Today I gave my Dad’s beloved little Boston Terriers to a friend. Mom cannot take them where she is going. Daddy adored them, he loved all animals. He spent, according to Mom, “a fortune” feeding the birds and squirrels. It was bitter-sweet watching my friend and her husband carry them in their arms and place them in their truck. I gave them the doghouse, new bedding and a large bag of food. Somehow I thought that would ease my conscious, but the guilt of not being able to bring them home myself overwhelmed me. My tears flowed like blood from an open wound. Mom tried to comfort me. She couldn’t, because she cried, too. The “girls,” as my dad called them, are next to the last connection that I have to my dad. After his and Mom’s house is sold, the material connection will be lost.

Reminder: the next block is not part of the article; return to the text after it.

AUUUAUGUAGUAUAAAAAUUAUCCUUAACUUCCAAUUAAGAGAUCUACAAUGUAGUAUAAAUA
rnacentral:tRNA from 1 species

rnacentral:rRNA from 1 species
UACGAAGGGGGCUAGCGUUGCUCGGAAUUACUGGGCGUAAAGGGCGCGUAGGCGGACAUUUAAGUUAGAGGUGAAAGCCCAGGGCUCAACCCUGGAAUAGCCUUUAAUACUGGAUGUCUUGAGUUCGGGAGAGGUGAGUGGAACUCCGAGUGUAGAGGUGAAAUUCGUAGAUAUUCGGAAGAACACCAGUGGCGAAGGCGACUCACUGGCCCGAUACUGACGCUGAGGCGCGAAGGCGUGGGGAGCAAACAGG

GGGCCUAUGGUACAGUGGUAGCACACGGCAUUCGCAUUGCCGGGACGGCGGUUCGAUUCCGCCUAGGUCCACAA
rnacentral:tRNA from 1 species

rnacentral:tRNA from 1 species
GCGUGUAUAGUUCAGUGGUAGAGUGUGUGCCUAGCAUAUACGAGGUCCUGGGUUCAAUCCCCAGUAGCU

My dad will always live in my heart, but to let go of the things that he loved crushes my spirit.

Today, God, I need you.

Today I need to feel you moving in me and through me.

Today I need strength to move forward.

Today I am sensing loss – the loss of my dad, his “girls,” and his guidance.

Help me to be a better person, a stronger person.

Help me to help Mom with her life-changing transition.

For it is because of your love and your sacrifice and the relationship that I have with you that I feel confidant in asking these things.